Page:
The feasibility projects competition was created to back new and innovative solutions, aid research and collaboration, and encourage collaboration across the UK’s farmers, growers, and foresters.
The competition, managed by UK Research and innovation’s transforming food production challenge and delivered by Innovate UK, ran from October to December 2021.
It sought applications of up to £500,000 to support the investigation of early-stage solutions that have the potential to improve sustainability, productivity, and resilience of the UK farming on a path to net zero.
Projects were required to demonstrate the benefits the concept would generate, as well as how collaboration between farmers, businesses, and researchers could be enhanced as a result.
Over 20 projects were successful in their applications, for a range of ideas across:
- animal farming
- pest and disease detection
- novel technology concepts.
Successful technology-led projects included Lettus Grow’s advanced aeroponic systems and Muddy Machines’ field-tested harvesting robots, while Yagro aim to utilise drone surveys to provide greater commercial data and intelligence to farmers.
Eyre Trailers, Earth Rover and Performance Projects all developed new concepts for harvesting, from combine harvester vehicles themselves, to broccoli and soft fruit.
Improving sustainability in farming
Katrina Hayter, challenge director for the transforming food production challenge, said:
The breadth of areas covered by the successful projects clearly demonstrate just how many issues there are to tackle when it comes to innovating the UK’s food sector.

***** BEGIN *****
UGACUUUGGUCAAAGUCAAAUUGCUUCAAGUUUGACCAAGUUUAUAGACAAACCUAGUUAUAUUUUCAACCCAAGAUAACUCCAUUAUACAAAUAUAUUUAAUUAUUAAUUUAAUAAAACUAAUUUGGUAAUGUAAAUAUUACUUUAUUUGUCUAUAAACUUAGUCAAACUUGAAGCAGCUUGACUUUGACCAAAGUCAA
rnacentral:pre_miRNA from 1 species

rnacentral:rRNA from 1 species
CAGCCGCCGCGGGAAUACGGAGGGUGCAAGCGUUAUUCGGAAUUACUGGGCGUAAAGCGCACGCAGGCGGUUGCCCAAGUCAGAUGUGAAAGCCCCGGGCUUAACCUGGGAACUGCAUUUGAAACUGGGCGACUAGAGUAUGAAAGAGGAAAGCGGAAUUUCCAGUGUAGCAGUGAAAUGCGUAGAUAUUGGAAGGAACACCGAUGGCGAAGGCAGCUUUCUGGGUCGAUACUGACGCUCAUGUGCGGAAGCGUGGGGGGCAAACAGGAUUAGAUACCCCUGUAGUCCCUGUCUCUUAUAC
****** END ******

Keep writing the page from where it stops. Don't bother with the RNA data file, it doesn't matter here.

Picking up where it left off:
What these projects have shown is not simply a standalone solution, but a concept that forms part of a wider picture of improving the overall sustainability and productivity in farming.
Once again collaboration has been key, with new technology combining with research and in-the-field expertise to help drive these concepts forward.
As a further part of the Farming Innovation Programme, UKRI has also announced the opening of the research starter round two competition. Tackling early-stage at-farmgate ideas from farmers and growers to solve major problems facing their business, the competition offers up to £1 million.
Bringing concepts to life
Katrina Hayter added:
Who understands the issues facing farmers better than the farmers themselves?
We are always keen to support and make use of the on-the-ground knowledge that farmers, growers and foresters possess, and this competition enables some of these bold new ideas to be tested and researched at an early stage to see their potential for the wider sector.
We look forward to helping farmers take the first steps to bringing their concept to life.
To learn more on the winners of the award, click here.